# Galaxies Lecture 11

### Rotation Curves

Today we’ll talk about the measurement of rotation curves. This will cover Chapter 8 of Binney & Merrifield. Rotation curves are usually measured using the 21 cm line. As before, we note that we have approximately linear growth in ${\displaystyle V(r)}$ as a function of radius, until we hit a regime where ${\displaystyle V(r)\sim constant}$. For linearly growing ${\displaystyle V(r)=Kr}$, we derived that ${\displaystyle \rho =constant}$.\

It is important to not that when we measure rotational curves of galaxies, we are almost always measuring the velocity of gas. This gas comes in 3 forms:

• Atomic Gas
• Characterized by electronic transitions in optical/UV wavebands. To excite these transitions, gas must be hot.
• We also see 21 cm radiation. We can estimate the inherent width of the 21 cm line by saying ${\displaystyle \Delta E\Delta t\geq \hbar }$. Using ${\displaystyle \Delta E=h\Delta \nu }$, and ${\displaystyle \Delta t=3\cdot 10^{14}s}$. Plugging this in, we find that ${\displaystyle \Delta \nu \sim 5\cdot 10^{-16}Hz}$, so we can ignore the inherent line width of the 21 cm line. However, we cannot ignore the effects of temperature on linewidth. For high-end temperatures ${\displaystyle T\sim 10^{4}}$, we get ${\displaystyle v\sim 10{km \over s}}$. The lowest ${\displaystyle T}$ we expect to see is ${\displaystyle 3K}$, which gives us ${\displaystyle v\sim 0.17{km \over s}}$. This sets a lower bound on the resolution needed for 21 cm spectrometers.
• Molecular Gas
• The most common molecule in the ISM is ${\displaystyle H_{2}}$ (99.98%). ${\displaystyle H_{2}}$ has no dipole transition (${\displaystyle J=1\to 0}$), so the strongest rotational transition in ${\displaystyle H_{2}}$ is ${\displaystyle J=2\to 0}$ at ${\displaystyle 28\mu m}$, and this is a weak (forbidden) transition.
• Since ${\displaystyle H_{2}}$ is hard to detect, we look more to other abundant molecules: ${\displaystyle CO}$, ${\displaystyle CNO}$, ${\displaystyle H_{2}0}$, ${\displaystyle NH_{3}}$. These molecules have dipole transitions, and are much easier to see. Most molecules form in high-density regions. The critical density for populating the first rotational transition of ${\displaystyle CO}$ is ${\displaystyle n\sim 10^{3}cm^{-3}}$. However, we typically observe the ${\displaystyle J_{10}}$ transition of ${\displaystyle CO}$ to be thermalized around ${\displaystyle n\sim 0.1cm^{-3}}$. This is caused by collisions with ${\displaystyle H_{2}}$. We use ${\displaystyle CO}$ as a tracer for ${\displaystyle H_{2}}$, because it forms at comparable densities, and is dissociated at comparable temperatures.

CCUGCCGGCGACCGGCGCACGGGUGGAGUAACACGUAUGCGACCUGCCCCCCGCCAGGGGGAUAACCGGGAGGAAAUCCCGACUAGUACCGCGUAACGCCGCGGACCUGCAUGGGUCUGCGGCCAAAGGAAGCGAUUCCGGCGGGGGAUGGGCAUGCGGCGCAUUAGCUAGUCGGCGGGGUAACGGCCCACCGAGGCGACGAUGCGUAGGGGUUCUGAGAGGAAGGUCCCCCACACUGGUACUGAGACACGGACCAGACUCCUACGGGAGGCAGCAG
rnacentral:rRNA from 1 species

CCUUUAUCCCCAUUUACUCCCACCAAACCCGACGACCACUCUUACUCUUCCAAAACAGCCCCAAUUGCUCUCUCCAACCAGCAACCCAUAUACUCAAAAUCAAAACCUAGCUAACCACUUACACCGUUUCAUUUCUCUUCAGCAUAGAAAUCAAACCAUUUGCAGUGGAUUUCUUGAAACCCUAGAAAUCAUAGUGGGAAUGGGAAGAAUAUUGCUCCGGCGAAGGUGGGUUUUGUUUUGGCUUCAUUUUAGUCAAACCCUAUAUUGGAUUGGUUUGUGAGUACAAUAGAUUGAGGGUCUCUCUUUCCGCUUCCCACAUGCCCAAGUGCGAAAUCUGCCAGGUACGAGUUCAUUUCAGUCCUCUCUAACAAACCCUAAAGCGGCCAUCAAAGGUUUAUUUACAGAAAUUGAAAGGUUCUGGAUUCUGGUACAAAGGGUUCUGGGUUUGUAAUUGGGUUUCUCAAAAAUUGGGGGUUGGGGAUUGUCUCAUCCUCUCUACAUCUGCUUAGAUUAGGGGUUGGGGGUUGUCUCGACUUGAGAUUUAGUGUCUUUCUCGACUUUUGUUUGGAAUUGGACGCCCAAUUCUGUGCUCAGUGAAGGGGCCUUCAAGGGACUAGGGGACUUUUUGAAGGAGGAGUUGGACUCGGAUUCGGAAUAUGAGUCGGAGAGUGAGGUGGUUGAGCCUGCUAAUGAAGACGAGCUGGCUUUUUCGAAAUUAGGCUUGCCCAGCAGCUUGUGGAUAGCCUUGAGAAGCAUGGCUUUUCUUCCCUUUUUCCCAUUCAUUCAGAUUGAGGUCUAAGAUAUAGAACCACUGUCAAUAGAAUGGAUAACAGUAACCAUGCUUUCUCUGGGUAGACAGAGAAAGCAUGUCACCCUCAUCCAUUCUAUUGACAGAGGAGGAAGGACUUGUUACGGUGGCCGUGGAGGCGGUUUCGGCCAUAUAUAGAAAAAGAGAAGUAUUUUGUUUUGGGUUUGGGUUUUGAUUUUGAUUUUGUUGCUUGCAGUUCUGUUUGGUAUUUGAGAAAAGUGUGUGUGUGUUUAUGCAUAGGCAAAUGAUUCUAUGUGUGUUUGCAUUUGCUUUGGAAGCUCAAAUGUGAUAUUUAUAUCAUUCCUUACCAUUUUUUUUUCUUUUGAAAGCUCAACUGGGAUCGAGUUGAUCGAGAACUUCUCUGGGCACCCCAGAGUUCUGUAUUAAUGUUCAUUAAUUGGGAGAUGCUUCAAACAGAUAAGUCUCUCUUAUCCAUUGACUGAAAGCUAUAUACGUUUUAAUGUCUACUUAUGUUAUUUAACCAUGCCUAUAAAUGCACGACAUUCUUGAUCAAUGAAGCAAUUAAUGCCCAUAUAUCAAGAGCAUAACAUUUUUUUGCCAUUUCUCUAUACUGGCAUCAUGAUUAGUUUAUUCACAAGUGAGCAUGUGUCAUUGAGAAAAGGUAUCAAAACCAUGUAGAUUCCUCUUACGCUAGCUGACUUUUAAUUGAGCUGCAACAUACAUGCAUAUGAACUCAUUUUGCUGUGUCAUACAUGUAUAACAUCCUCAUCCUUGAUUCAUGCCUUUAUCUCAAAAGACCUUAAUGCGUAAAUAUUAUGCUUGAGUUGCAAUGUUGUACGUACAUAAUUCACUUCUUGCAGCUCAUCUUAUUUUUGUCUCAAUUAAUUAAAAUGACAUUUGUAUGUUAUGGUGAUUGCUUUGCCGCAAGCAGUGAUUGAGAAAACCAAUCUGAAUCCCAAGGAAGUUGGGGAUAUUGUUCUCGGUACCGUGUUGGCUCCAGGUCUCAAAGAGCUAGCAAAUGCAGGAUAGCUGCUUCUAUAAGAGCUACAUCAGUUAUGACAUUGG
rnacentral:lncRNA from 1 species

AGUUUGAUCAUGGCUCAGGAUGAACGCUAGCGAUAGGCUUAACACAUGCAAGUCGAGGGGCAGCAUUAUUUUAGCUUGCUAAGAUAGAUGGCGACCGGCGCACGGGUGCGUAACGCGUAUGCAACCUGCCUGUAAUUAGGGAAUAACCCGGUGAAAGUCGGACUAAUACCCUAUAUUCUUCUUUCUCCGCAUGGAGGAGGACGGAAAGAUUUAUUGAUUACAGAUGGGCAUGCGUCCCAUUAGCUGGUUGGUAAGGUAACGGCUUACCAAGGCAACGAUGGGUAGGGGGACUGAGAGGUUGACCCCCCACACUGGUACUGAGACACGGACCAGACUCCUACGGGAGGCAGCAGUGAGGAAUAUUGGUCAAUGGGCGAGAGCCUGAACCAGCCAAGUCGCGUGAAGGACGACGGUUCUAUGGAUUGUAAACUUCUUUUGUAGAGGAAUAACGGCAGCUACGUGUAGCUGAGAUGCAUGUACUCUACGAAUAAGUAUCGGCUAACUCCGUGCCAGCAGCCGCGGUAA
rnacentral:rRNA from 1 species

• Ionized Gas
• One region of pressure equilibrium in the ISM are ${\displaystyle 10^{4}K}$ HII regions, typically around O stars. Around O7 stars, there are stable regions of ${\displaystyle 10^{6}K}$ gas. We’ll talk more about these regions later.

In the region of a galaxy, we can typically measure ${\displaystyle I}$, and ${\displaystyle {\bar {v}}}$. We’ve discussed isophotes (relating to ${\displaystyle I}$), but now we’d like to know what lines of constant velocity look like (isovelocity contours). If a galaxy is tilted with respect to our vantage point, we’ll see circles as ellipses:

${\displaystyle {x^{2} \over a^{2}}+{y^{2} \over b^{2}}=1\,\!}$

and we define ${\displaystyle \sin i\equiv {b \over a}}$. If ${\displaystyle R}$ is the actual radius of the galaxy, and ${\displaystyle \theta (R)}$ is the actual rotational velocity, we’d like to determine the velocity ${\displaystyle v_{r}}$ that we would measure. As discussed previously, ${\displaystyle \theta (R)\approx constant=\theta _{0}}$. Then:

${\displaystyle v_{r}=\theta _{0}\cos \phi \sin i\,\!}$

where ${\displaystyle \phi }$ is the angle around the galaxy. If ${\displaystyle v_{r}}$ is constant (isovelocity contours), then ${\displaystyle \cos \phi }$ must be constant. Thus, isovelocity contours are lines through the center of the galaxy.

For next class, we should answer the question for ${\displaystyle \theta (R)=kR}$ (solid-body rotation).